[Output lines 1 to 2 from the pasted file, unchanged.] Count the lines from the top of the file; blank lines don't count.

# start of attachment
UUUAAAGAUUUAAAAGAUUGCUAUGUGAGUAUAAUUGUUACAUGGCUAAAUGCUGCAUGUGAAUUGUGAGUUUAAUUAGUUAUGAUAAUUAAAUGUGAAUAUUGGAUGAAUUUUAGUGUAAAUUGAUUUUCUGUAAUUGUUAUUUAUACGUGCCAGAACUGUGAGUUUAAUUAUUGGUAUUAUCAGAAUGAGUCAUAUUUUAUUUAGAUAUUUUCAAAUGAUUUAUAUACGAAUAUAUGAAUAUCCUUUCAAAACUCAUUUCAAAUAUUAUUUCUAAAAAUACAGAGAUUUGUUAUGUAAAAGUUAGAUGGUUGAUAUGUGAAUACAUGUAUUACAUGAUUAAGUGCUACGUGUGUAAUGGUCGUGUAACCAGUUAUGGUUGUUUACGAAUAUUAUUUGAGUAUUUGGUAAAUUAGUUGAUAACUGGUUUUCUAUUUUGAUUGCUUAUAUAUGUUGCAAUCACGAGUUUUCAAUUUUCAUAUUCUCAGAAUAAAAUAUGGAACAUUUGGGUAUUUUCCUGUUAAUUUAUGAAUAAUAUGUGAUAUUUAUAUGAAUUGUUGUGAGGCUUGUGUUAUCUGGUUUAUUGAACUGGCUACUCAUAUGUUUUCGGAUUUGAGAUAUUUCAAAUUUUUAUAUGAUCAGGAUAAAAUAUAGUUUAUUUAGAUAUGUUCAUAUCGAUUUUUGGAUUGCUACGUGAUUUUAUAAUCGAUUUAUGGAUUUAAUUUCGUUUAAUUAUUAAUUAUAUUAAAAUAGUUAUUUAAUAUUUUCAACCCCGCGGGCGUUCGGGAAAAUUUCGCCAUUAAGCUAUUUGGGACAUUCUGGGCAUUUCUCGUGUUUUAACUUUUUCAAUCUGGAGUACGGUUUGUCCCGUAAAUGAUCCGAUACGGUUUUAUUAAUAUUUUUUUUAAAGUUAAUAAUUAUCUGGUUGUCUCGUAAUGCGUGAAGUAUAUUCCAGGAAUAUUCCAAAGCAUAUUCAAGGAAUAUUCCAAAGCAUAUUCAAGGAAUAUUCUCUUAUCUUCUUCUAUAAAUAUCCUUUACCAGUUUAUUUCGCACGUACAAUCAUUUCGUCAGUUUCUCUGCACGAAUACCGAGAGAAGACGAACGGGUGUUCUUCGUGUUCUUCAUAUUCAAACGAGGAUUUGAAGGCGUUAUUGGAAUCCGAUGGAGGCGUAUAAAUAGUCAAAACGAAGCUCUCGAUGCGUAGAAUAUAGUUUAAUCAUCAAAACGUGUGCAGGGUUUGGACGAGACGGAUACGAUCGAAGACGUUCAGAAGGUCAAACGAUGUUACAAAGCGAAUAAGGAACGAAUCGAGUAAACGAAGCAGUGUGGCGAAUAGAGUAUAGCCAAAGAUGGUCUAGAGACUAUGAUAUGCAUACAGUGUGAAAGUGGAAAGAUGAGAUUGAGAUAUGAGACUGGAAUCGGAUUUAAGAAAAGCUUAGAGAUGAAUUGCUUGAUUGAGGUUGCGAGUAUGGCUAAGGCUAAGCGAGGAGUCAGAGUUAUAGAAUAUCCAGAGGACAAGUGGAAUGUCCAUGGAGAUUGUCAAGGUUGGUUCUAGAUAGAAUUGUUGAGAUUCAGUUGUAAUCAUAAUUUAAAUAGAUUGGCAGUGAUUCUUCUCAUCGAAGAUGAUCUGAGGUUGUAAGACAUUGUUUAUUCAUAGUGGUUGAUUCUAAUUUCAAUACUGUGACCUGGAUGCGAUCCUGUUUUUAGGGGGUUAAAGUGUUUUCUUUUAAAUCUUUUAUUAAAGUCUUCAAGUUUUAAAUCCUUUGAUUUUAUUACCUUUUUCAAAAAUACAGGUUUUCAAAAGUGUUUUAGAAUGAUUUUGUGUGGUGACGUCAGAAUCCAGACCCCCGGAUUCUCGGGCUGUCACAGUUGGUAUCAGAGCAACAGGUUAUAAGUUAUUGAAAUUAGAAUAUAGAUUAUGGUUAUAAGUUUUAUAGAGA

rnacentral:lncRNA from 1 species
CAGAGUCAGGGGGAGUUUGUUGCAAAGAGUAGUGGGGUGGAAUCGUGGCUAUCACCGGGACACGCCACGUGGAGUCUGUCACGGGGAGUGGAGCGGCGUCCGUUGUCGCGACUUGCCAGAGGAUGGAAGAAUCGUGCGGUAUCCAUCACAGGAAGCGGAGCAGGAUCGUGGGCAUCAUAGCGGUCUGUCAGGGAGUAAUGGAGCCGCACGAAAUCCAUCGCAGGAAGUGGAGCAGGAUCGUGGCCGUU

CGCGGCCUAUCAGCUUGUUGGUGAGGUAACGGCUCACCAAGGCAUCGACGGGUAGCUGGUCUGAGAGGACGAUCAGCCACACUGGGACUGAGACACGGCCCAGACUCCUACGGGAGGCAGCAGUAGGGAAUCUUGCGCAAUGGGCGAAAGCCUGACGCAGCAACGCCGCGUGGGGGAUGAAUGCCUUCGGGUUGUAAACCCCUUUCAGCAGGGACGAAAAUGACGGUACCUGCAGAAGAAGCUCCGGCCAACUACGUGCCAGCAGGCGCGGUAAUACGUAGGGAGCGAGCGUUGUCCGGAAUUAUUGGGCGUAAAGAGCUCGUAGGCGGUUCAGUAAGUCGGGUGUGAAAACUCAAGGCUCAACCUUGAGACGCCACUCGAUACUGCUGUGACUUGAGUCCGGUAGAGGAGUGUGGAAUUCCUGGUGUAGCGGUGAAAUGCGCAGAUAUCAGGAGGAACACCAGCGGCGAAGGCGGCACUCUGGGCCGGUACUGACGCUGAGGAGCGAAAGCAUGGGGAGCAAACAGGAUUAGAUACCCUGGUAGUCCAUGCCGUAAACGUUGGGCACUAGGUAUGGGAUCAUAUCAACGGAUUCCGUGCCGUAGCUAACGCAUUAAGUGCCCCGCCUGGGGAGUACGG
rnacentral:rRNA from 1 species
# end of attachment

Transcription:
UUUAAAGAUUUAAAAGAUUGCUAUGUGAGUAUAAUUGUUACAUGGCUAAAUGCUGCAUGUGAAUUGUGAGUUUAAUUAGUUAUGAUAAUUAAAUGUGAAUAUUGGAUGAAUUUUAGUGUAAAUUGAUUUUCUGUAAUUGUUAUUUAUACGUGCCAGAACUGUGAGUUUAAUUAUUGGUAUUAUCAGAAUGAGUCAUAUUUUAUUUAGAUAUUUUCAAAUGAUUUAUAUACGAAUAUAUGAAUAUCCUUUCAAAACUCAUUUCAAAUAUUAUUUCUAAAAAUACAGAGAUUUGUUAUGUAAAAGUUAGAUGGUUGAUAUGUGAAUACAUGUAUUACAUGAUUAAGUGCUACGUGUGUAAUGGUCGUGUAACCAGUUAUGGUUGUUUACGAAUAUUAUUUGAGUAUUUGGUAAAUUAGUUGAUAACUGGUUUUCUAUUUUGAUUGCUUAUAUAUGUUGCAAUCACGAGUUUUCAAUUUUCAUAUUCUCAGAAUAAAAUAUGGAACAUUUGGGUAUUUUCCUGUUAAUUUAUGAAUAAUAUGUGAUAUUUAUAUGAAUUGUUGUGAGGCUUGUGUUAUCUGGUUUAUUGAACUGGCUACUCAUAUGUUUUCGGAUUUGAGAUAUUUCAAAUUUUUAUAUGAUCAGGAUAAAAUAUAGUUUAUUUAGAUAUGUUCAUAUCGAUUUUUGGAUUGCUACGUGAUUUUAUAAUCGAUUUAUGGAUUUAAUUUCGUUUAAUUAUUAAUUAUAUUAAAAUAGUUAUUUAAUAUUUUCAACCCCGCGGGCGUUCGGGAAAAUUUCGCCAUUAAGCUAUUUGGGACAUUCUGGGCAUUUCUCGUGUUUUAACUUUUUCAAUCUGGAGUACGGUUUGUCCCGUAAAUGAUCCGAUACGGUUUUAUUAAUAUUUUUUUUAAAGUUAAUAAUUAUCUGGUUGUCUCGUAAUGCGUGAAGUAUAUUCCAGGAAUAUUCCAAAGCAUAUUCAAGGAAUAUUCCAAAGCAUAUUCAAGGAAUAUUCUCUUAUCUUCUUCUAUAAAUAUCCUUUACCAGUUUAUUUCGCACGUACAAUCAUUUCGUCAGUUUCUCUGCACGAAUACCGAGAGAAGACGAACGGGUGUUCUUCGUGUUCUUCAUAUUCAAACGAGGAUUUGAAGGCGUUAUUGGAAUCCGAUGGAGGCGUAUAAAUAGUCAAAACGAAGCUCUCGAUGCGUAGAAUAUAGUUUAAUCAUCAAAACGUGUGCAGGGUUUGGACGAGACGGAUACGAUCGAAGACGUUCAGAAGGUCAAACGAUGUUACAAAGCGAAUAAGGAACGAAUCGAGUAAACGAAGCAGUGUGGCGAAUAGAGUAUAGCCAAAGAUGGUCUAGAGACUAUGAUAUGCAUACAGUGUGAAAGUGGAAAGAUGAGAUUGAGAUAUGAGACUGGAAUCGGAUUUAAGAAAAGCUUAGAGAUGAAUUGCUUGAUUGAGGUUGCGAGUAUGGCUAAGGCUAAGCGAGGAGUCAGAGUUAUAGAAUAUCCAGAGGACAAGUGGAAUGUCCAUGGAGAUUGUCAAGGUUGGUUCUAGAUAGAAUUGUUGAGAUUCAGUUGUAAUCAUAAUUUAAAUAGAUUGGCAGUGAUUCUUCUCAUCGAAGAUGAUCUGAGGUUGUAAGACAUUGUUUAUUCAUAGUGGUUGAUUCUAAUUUCAAUACUGUGACCUGGAUGCGAUCCUGUUUUUAGGGGGUUAAAGUGUUUUCUUUUAAAUCUUUUAUUAAAGUCUUCAAGUUUUAAAUCCUUUGAUUUUAUUACCUUUUUCAAAAAUACAGGUUUUCAAAAGUGUUUUAGAAUGAUUUUGUGUGGUGACGUCAGAAUCCAGACCCCCGGAUUCUCGGGCUGUCACAGUUGGUAUCAGAGCAACAGGUUAUAAGUUAUUGAAAUUAGAAUAUAGAUUAUGGUUAUAAGUUUUAUAGAGA

rnacentral:lncRNA from 1 species